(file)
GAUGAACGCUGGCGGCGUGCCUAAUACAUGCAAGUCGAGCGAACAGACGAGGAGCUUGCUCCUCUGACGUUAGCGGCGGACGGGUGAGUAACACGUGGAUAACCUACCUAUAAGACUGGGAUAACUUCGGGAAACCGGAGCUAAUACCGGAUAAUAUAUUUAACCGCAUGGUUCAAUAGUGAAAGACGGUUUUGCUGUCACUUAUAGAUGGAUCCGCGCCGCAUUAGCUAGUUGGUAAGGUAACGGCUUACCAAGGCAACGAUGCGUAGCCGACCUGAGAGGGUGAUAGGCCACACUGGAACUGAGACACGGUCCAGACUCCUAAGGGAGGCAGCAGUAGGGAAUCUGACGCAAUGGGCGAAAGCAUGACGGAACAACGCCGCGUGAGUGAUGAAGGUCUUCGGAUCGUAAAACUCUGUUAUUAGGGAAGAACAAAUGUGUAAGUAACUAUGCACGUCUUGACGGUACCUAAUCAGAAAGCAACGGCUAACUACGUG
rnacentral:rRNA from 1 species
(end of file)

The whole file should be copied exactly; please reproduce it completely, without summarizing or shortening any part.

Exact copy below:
GAUGAACGCUGGCGGCGUGCCUAAUACAUGCAAGUCGAGCGAACAGACGAGGAGCUUGCUCCUCUGACGUUAGCGGCGGACGGGUGAGUAACACGUGGAUAACCUACCUAUAAGACUGGGAUAACUUCGGGAAACCGGAGCUAAUACCGGAUAAUAUAUUUAACCGCAUGGUUCAAUAGUGAAAGACGGUUUUGCUGUCACUUAUAGAUGGAUCCGCGCCGCAUUAGCUAGUUGGUAAGGUAACGGCUUACCAAGGCAACGAUGCGUAGCCGACCUGAGAGGGUGAUAGGCCACACUGGAACUGAGACACGGUCCAGACUCCUAAGGGAGGCAGCAGUAGGGAAUCUGACGCAAUGGGCGAAAGCAUGACGGAACAACGCCGCGUGAGUGAUGAAGGUCUUCGGAUCGUAAAACUCUGUUAUUAGGGAAGAACAAAUGUGUAAGUAACUAUGCACGUCUUGACGGUACCUAAUCAGAAAGCAACGGCUAACUACGUG
rnacentral:rRNA from 1 species